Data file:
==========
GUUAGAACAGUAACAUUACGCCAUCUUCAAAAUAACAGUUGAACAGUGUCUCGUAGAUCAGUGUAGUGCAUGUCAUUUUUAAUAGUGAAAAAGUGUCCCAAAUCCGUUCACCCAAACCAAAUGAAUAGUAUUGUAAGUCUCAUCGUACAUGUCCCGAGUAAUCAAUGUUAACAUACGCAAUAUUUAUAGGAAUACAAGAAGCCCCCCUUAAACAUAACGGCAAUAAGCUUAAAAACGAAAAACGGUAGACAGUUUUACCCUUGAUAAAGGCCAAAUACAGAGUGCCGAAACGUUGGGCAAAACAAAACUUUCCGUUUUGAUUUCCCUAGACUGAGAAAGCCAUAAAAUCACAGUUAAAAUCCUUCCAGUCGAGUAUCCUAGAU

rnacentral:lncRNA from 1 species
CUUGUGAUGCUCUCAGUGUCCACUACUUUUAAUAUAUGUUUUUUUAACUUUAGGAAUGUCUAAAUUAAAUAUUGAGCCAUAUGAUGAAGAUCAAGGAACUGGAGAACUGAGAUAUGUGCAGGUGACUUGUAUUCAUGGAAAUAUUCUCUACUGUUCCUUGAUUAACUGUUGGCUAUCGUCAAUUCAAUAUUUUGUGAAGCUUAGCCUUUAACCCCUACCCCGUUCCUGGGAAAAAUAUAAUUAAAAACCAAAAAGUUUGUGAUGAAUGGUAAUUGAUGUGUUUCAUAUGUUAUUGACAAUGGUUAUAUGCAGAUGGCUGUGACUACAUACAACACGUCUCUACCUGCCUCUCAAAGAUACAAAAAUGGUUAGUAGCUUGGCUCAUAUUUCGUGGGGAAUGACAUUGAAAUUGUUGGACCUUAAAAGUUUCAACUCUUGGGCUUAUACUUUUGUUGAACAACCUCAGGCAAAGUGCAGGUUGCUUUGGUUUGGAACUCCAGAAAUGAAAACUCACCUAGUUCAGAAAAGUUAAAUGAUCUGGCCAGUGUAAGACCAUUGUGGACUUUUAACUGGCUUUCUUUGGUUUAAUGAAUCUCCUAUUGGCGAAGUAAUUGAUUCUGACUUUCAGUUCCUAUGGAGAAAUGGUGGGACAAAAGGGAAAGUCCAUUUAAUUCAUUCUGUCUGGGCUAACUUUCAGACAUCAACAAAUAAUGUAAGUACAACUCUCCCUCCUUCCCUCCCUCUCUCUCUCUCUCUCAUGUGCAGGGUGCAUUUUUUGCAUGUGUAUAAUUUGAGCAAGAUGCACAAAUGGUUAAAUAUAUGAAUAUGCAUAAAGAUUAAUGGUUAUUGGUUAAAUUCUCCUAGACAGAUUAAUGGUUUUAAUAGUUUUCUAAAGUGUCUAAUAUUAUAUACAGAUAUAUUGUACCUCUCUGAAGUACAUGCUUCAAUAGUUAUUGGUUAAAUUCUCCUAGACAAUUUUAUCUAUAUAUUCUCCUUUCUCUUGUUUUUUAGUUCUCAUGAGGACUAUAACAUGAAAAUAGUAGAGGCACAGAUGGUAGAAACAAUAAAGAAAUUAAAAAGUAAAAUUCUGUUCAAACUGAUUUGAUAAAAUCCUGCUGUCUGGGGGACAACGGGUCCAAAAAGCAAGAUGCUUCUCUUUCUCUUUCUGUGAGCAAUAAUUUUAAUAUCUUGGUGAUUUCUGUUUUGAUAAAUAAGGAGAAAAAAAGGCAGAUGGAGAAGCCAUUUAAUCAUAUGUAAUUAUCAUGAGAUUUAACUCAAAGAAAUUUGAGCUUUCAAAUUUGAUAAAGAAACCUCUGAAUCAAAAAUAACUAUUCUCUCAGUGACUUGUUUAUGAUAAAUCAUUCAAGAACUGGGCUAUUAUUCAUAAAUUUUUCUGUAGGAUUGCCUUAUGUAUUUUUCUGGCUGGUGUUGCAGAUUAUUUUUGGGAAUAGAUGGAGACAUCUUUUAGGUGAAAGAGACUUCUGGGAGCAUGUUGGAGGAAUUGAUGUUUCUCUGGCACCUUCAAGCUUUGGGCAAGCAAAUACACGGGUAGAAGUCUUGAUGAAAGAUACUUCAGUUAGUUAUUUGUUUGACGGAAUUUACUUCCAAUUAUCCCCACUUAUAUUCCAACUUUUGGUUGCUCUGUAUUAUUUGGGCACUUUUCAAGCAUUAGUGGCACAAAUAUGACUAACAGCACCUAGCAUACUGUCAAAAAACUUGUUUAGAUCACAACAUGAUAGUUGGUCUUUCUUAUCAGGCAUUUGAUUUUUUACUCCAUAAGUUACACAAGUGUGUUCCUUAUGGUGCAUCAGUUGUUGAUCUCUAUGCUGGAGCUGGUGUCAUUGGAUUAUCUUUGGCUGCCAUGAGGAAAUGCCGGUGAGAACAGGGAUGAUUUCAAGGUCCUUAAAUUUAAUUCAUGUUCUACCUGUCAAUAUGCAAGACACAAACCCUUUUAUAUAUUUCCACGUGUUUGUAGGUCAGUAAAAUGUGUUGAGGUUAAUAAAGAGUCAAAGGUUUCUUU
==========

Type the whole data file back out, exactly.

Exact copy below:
GUUAGAACAGUAACAUUACGCCAUCUUCAAAAUAACAGUUGAACAGUGUCUCGUAGAUCAGUGUAGUGCAUGUCAUUUUUAAUAGUGAAAAAGUGUCCCAAAUCCGUUCACCCAAACCAAAUGAAUAGUAUUGUAAGUCUCAUCGUACAUGUCCCGAGUAAUCAAUGUUAACAUACGCAAUAUUUAUAGGAAUACAAGAAGCCCCCCUUAAACAUAACGGCAAUAAGCUUAAAAACGAAAAACGGUAGACAGUUUUACCCUUGAUAAAGGCCAAAUACAGAGUGCCGAAACGUUGGGCAAAACAAAACUUUCCGUUUUGAUUUCCCUAGACUGAGAAAGCCAUAAAAUCACAGUUAAAAUCCUUCCAGUCGAGUAUCCUAGAU

rnacentral:lncRNA from 1 species
CUUGUGAUGCUCUCAGUGUCCACUACUUUUAAUAUAUGUUUUUUUAACUUUAGGAAUGUCUAAAUUAAAUAUUGAGCCAUAUGAUGAAGAUCAAGGAACUGGAGAACUGAGAUAUGUGCAGGUGACUUGUAUUCAUGGAAAUAUUCUCUACUGUUCCUUGAUUAACUGUUGGCUAUCGUCAAUUCAAUAUUUUGUGAAGCUUAGCCUUUAACCCCUACCCCGUUCCUGGGAAAAAUAUAAUUAAAAACCAAAAAGUUUGUGAUGAAUGGUAAUUGAUGUGUUUCAUAUGUUAUUGACAAUGGUUAUAUGCAGAUGGCUGUGACUACAUACAACACGUCUCUACCUGCCUCUCAAAGAUACAAAAAUGGUUAGUAGCUUGGCUCAUAUUUCGUGGGGAAUGACAUUGAAAUUGUUGGACCUUAAAAGUUUCAACUCUUGGGCUUAUACUUUUGUUGAACAACCUCAGGCAAAGUGCAGGUUGCUUUGGUUUGGAACUCCAGAAAUGAAAACUCACCUAGUUCAGAAAAGUUAAAUGAUCUGGCCAGUGUAAGACCAUUGUGGACUUUUAACUGGCUUUCUUUGGUUUAAUGAAUCUCCUAUUGGCGAAGUAAUUGAUUCUGACUUUCAGUUCCUAUGGAGAAAUGGUGGGACAAAAGGGAAAGUCCAUUUAAUUCAUUCUGUCUGGGCUAACUUUCAGACAUCAACAAAUAAUGUAAGUACAACUCUCCCUCCUUCCCUCCCUCUCUCUCUCUCUCUCAUGUGCAGGGUGCAUUUUUUGCAUGUGUAUAAUUUGAGCAAGAUGCACAAAUGGUUAAAUAUAUGAAUAUGCAUAAAGAUUAAUGGUUAUUGGUUAAAUUCUCCUAGACAGAUUAAUGGUUUUAAUAGUUUUCUAAAGUGUCUAAUAUUAUAUACAGAUAUAUUGUACCUCUCUGAAGUACAUGCUUCAAUAGUUAUUGGUUAAAUUCUCCUAGACAAUUUUAUCUAUAUAUUCUCCUUUCUCUUGUUUUUUAGUUCUCAUGAGGACUAUAACAUGAAAAUAGUAGAGGCACAGAUGGUAGAAACAAUAAAGAAAUUAAAAAGUAAAAUUCUGUUCAAACUGAUUUGAUAAAAUCCUGCUGUCUGGGGGACAACGGGUCCAAAAAGCAAGAUGCUUCUCUUUCUCUUUCUGUGAGCAAUAAUUUUAAUAUCUUGGUGAUUUCUGUUUUGAUAAAUAAGGAGAAAAAAAGGCAGAUGGAGAAGCCAUUUAAUCAUAUGUAAUUAUCAUGAGAUUUAACUCAAAGAAAUUUGAGCUUUCAAAUUUGAUAAAGAAACCUCUGAAUCAAAAAUAACUAUUCUCUCAGUGACUUGUUUAUGAUAAAUCAUUCAAGAACUGGGCUAUUAUUCAUAAAUUUUUCUGUAGGAUUGCCUUAUGUAUUUUUCUGGCUGGUGUUGCAGAUUAUUUUUGGGAAUAGAUGGAGACAUCUUUUAGGUGAAAGAGACUUCUGGGAGCAUGUUGGAGGAAUUGAUGUUUCUCUGGCACCUUCAAGCUUUGGGCAAGCAAAUACACGGGUAGAAGUCUUGAUGAAAGAUACUUCAGUUAGUUAUUUGUUUGACGGAAUUUACUUCCAAUUAUCCCCACUUAUAUUCCAACUUUUGGUUGCUCUGUAUUAUUUGGGCACUUUUCAAGCAUUAGUGGCACAAAUAUGACUAACAGCACCUAGCAUACUGUCAAAAAACUUGUUUAGAUCACAACAUGAUAGUUGGUCUUUCUUAUCAGGCAUUUGAUUUUUUACUCCAUAAGUUACACAAGUGUGUUCCUUAUGGUGCAUCAGUUGUUGAUCUCUAUGCUGGAGCUGGUGUCAUUGGAUUAUCUUUGGCUGCCAUGAGGAAAUGCCGGUGAGAACAGGGAUGAUUUCAAGGUCCUUAAAUUUAAUUCAUGUUCUACCUGUCAAUAUGCAAGACACAAACCCUUUUAUAUAUUUCCACGUGUUUGUAGGUCAGUAAAAUGUGUUGAGGUUAAUAAAGAGUCAAAGGUUUCUUU